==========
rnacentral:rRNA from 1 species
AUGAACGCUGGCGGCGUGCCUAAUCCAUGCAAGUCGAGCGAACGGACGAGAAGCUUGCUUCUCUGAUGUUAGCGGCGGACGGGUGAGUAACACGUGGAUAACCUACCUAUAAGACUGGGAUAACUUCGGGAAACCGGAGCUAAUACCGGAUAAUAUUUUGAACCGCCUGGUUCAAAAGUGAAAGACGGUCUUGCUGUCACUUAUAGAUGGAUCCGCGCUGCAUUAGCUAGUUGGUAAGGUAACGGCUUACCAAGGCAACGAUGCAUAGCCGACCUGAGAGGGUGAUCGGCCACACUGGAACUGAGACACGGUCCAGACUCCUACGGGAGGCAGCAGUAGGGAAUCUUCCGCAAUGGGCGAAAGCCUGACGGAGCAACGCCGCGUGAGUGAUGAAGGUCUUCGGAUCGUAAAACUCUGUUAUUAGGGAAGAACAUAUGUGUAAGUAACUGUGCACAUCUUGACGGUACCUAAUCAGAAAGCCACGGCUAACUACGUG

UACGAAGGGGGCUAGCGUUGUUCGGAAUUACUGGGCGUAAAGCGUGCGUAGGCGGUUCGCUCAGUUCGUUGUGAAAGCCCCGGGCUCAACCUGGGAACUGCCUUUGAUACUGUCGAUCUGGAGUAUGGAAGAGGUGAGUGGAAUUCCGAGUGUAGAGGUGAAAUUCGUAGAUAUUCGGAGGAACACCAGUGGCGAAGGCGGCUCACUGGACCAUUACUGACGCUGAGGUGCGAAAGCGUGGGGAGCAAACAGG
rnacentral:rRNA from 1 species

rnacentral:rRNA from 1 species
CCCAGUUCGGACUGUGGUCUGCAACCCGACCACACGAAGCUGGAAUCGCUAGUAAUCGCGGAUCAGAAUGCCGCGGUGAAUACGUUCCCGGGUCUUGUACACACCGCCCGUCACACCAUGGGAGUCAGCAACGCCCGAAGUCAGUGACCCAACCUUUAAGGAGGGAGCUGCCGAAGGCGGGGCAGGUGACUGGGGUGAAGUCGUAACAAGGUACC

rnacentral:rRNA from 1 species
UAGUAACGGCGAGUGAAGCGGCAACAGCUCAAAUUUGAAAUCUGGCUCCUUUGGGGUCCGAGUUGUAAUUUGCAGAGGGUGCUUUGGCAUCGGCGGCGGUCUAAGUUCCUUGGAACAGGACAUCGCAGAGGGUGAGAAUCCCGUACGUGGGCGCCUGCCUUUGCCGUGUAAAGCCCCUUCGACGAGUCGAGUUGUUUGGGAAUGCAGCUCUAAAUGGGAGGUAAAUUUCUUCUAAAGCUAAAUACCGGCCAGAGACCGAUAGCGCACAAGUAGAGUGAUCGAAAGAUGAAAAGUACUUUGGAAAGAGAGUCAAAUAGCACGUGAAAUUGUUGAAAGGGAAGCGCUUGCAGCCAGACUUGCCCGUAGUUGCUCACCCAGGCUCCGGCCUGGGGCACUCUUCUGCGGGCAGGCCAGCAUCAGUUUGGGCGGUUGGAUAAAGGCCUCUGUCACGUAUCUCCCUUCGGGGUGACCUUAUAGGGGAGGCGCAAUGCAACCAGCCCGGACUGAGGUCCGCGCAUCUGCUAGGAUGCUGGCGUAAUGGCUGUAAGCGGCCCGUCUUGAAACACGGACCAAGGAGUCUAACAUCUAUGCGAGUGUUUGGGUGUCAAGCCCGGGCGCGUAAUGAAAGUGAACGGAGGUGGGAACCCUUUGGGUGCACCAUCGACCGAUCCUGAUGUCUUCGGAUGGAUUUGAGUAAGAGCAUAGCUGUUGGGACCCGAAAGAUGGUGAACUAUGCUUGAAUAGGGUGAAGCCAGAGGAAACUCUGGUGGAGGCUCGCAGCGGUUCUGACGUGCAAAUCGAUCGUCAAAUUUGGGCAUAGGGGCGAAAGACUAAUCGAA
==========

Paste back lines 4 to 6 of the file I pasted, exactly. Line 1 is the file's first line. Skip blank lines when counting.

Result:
rnacentral:rRNA from 1 species

rnacentral:rRNA from 1 species
CCCAGUUCGGACUGUGGUCUGCAACCCGACCACACGAAGCUGGAAUCGCUAGUAAUCGCGGAUCAGAAUGCCGCGGUGAAUACGUUCCCGGGUCUUGUACACACCGCCCGUCACACCAUGGGAGUCAGCAACGCCCGAAGUCAGUGACCCAACCUUUAAGGAGGGAGCUGCCGAAGGCGGGGCAGGUGACUGGGGUGAAGUCGUAACAAGGUACC